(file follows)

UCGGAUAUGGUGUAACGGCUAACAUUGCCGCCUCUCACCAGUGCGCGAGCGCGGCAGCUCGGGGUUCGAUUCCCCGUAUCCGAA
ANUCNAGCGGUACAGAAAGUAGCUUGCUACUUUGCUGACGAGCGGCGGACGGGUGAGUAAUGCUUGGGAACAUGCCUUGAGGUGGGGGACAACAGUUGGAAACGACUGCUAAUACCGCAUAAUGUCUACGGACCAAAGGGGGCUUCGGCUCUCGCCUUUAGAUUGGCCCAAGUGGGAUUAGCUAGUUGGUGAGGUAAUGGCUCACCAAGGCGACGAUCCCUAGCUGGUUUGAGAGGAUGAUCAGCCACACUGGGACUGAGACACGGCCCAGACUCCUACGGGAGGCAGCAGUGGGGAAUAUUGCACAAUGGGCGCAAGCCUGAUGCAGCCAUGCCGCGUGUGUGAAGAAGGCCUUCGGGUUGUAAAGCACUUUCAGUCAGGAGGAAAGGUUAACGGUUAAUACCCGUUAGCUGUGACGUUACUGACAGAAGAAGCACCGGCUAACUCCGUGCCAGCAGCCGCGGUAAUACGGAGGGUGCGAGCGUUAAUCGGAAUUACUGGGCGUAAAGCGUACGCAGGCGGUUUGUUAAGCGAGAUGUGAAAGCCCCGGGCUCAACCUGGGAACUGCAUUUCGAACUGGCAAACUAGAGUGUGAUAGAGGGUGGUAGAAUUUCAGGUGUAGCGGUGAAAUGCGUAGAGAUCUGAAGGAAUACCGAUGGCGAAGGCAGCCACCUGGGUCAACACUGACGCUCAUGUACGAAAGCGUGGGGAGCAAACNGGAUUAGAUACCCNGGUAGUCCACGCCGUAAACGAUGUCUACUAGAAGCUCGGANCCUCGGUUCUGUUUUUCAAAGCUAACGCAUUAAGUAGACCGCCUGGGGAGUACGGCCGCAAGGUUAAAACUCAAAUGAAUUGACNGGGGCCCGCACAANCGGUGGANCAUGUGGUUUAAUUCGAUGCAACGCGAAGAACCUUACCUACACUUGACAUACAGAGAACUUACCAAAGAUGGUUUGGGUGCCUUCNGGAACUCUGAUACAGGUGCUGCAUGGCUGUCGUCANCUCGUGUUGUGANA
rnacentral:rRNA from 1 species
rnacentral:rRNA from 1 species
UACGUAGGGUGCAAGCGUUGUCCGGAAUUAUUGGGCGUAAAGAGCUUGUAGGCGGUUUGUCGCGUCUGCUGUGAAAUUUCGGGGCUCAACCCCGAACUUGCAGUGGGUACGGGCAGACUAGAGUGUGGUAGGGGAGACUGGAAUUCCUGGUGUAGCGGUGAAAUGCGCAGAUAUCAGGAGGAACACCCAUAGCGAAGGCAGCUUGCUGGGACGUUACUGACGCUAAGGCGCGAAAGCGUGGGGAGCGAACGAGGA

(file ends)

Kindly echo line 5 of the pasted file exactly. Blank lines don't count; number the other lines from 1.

UACGUAGGGUGCAAGCGUUGUCCGGAAUUAUUGGGCGUAAAGAGCUUGUAGGCGGUUUGUCGCGUCUGCUGUGAAAUUUCGGGGCUCAACCCCGAACUUGCAGUGGGUACGGGCAGACUAGAGUGUGGUAGGGGAGACUGGAAUUCCUGGUGUAGCGGUGAAAUGCGCAGAUAUCAGGAGGAACACCCAUAGCGAAGGCAGCUUGCUGGGACGUUACUGACGCUAAGGCGCGAAAGCGUGGGGAGCGAACGAGGA